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What Else Is In Scott's Head?

The blog site for writer Scott C. Smith. Some observations on the world we live in and life in general. And maybe some politics.

Sunday, October 03, 2004

John Kerry's Post-Debate Bounce

Not surprisingly, John Kerry's poll numbers have vaulted him back to a dead-heat with George W. Bush. Kerry's numbers improved because of last week's debate, where he finally had the opportunity to present himself to America as a man of confidence with a firm grasp of the issues. George W. Bush, on the other hand, appeared to be tired, stumbling for answers to questions in some instances, on the defensive, and clearly rattlted by John Kerry. As Kerry spoke, Bush reacted noticeably to John Kerry's responses, his face a grimace of annoyance and frustration. Bush did not look presidential at all.

The latest Newsweek poll shows Kerry once again tied with the president (or ahead, if you don't include Ralph Nader), with 47% of voters likely to vote for Kerry and 45% for Bush. The previous Newsweek poll had Mr. Bush with a very comfortable 11-point lead over Kerry.

The poll also showed that voters felt Kerry was more likeable than Bush, 47% to 41%. I think this has been a big problem for Kerry up until now, as the perception of him previously wasn't as positive, with voters feeling Kerry to be distant and aloof.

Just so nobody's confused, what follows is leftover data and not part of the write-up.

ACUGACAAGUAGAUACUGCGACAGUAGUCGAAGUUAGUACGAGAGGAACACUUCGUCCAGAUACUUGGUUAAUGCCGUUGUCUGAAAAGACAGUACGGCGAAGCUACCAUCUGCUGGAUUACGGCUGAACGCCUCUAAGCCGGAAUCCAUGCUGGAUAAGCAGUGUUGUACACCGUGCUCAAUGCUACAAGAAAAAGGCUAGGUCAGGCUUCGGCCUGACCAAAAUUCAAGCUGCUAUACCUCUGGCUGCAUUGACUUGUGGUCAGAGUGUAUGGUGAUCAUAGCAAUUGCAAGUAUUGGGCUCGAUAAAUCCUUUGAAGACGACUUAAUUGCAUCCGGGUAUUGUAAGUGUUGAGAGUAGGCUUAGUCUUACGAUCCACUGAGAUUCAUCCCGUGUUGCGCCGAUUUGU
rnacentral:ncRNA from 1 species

Bush's job performance rating has dropped to 46%, an all-time low.

Conservatives who dismiss the debates as irrelevant are forgetting how previous debates changed the direction of a presidential campaign, from Ronald Reagan and his "are you better off now than four years ago" line in the 1980 election that cost Jimmy Carter his job. In the 1988 debates, Michael Dukakis came across as cold and distant; and in 1992, the debates helped an unknown governor of a small southern state to beat an incumbent. Clinton's victory was huge. And while Al Gore won the popular vote in 2000, Gore's demeanor and audible sighing in that series of debates likely caused some undecided voters to vote for George W. Bush.

George W. Bush has a hard job ahead of him. The final debate will deal with domestic policy. Let's just say domestic issues are not Bush's strong suit. Kerry is very likely to clean his clock in that debate.

This will be a tight race and the election could go to either man at this point. It will be interesting to see if the debates will affect the undecided voters, as they will ultimately decide the outcome of the election.

The next debate will be Tuesday as the John Edwards and Dick Cheney square off, followed by the second Bush/Kerry debate on October 8th. That debate will be a town-hall format. The final debate is scheduled for October 13. You can read about the debates, and view transcripts of past debates, at the Commission on Presidential Debates web site.

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